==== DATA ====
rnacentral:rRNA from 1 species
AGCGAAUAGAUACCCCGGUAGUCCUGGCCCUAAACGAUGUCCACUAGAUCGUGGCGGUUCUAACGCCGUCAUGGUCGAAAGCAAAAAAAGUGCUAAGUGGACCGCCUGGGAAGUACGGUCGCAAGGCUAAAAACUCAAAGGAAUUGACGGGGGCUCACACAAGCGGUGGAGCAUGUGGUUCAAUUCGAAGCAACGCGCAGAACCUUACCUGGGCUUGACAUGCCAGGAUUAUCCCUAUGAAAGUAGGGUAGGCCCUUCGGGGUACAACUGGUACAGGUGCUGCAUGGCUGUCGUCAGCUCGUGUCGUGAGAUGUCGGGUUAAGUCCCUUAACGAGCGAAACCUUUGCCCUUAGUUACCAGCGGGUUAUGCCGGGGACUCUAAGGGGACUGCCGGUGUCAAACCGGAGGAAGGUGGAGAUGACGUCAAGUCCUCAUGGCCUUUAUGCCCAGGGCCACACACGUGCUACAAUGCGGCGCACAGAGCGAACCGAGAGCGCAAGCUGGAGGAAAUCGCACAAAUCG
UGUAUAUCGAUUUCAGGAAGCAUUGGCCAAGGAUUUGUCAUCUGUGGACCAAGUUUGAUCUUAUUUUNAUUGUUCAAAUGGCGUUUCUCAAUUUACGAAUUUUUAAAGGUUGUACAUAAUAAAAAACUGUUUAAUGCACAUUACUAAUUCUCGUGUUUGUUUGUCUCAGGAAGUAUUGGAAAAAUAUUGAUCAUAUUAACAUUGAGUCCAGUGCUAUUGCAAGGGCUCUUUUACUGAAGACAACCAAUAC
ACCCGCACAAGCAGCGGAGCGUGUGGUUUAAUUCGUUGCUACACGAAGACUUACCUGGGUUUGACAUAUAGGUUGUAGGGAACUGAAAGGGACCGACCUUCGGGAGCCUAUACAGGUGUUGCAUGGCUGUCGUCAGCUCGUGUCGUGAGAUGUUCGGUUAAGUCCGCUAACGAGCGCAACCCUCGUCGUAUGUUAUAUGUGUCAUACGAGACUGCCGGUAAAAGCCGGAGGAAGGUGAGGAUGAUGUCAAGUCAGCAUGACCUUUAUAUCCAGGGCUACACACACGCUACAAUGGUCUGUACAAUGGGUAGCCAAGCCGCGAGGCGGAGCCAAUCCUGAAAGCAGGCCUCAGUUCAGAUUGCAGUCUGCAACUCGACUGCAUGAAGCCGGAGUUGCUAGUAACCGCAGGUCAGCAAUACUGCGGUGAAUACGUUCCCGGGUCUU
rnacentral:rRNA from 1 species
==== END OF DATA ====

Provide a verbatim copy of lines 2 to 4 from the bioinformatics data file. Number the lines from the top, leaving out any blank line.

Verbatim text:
AGCGAAUAGAUACCCCGGUAGUCCUGGCCCUAAACGAUGUCCACUAGAUCGUGGCGGUUCUAACGCCGUCAUGGUCGAAAGCAAAAAAAGUGCUAAGUGGACCGCCUGGGAAGUACGGUCGCAAGGCUAAAAACUCAAAGGAAUUGACGGGGGCUCACACAAGCGGUGGAGCAUGUGGUUCAAUUCGAAGCAACGCGCAGAACCUUACCUGGGCUUGACAUGCCAGGAUUAUCCCUAUGAAAGUAGGGUAGGCCCUUCGGGGUACAACUGGUACAGGUGCUGCAUGGCUGUCGUCAGCUCGUGUCGUGAGAUGUCGGGUUAAGUCCCUUAACGAGCGAAACCUUUGCCCUUAGUUACCAGCGGGUUAUGCCGGGGACUCUAAGGGGACUGCCGGUGUCAAACCGGAGGAAGGUGGAGAUGACGUCAAGUCCUCAUGGCCUUUAUGCCCAGGGCCACACACGUGCUACAAUGCGGCGCACAGAGCGAACCGAGAGCGCAAGCUGGAGGAAAUCGCACAAAUCG
UGUAUAUCGAUUUCAGGAAGCAUUGGCCAAGGAUUUGUCAUCUGUGGACCAAGUUUGAUCUUAUUUUNAUUGUUCAAAUGGCGUUUCUCAAUUUACGAAUUUUUAAAGGUUGUACAUAAUAAAAAACUGUUUAAUGCACAUUACUAAUUCUCGUGUUUGUUUGUCUCAGGAAGUAUUGGAAAAAUAUUGAUCAUAUUAACAUUGAGUCCAGUGCUAUUGCAAGGGCUCUUUUACUGAAGACAACCAAUAC
ACCCGCACAAGCAGCGGAGCGUGUGGUUUAAUUCGUUGCUACACGAAGACUUACCUGGGUUUGACAUAUAGGUUGUAGGGAACUGAAAGGGACCGACCUUCGGGAGCCUAUACAGGUGUUGCAUGGCUGUCGUCAGCUCGUGUCGUGAGAUGUUCGGUUAAGUCCGCUAACGAGCGCAACCCUCGUCGUAUGUUAUAUGUGUCAUACGAGACUGCCGGUAAAAGCCGGAGGAAGGUGAGGAUGAUGUCAAGUCAGCAUGACCUUUAUAUCCAGGGCUACACACACGCUACAAUGGUCUGUACAAUGGGUAGCCAAGCCGCGAGGCGGAGCCAAUCCUGAAAGCAGGCCUCAGUUCAGAUUGCAGUCUGCAACUCGACUGCAUGAAGCCGGAGUUGCUAGUAACCGCAGGUCAGCAAUACUGCGGUGAAUACGUUCCCGGGUCUU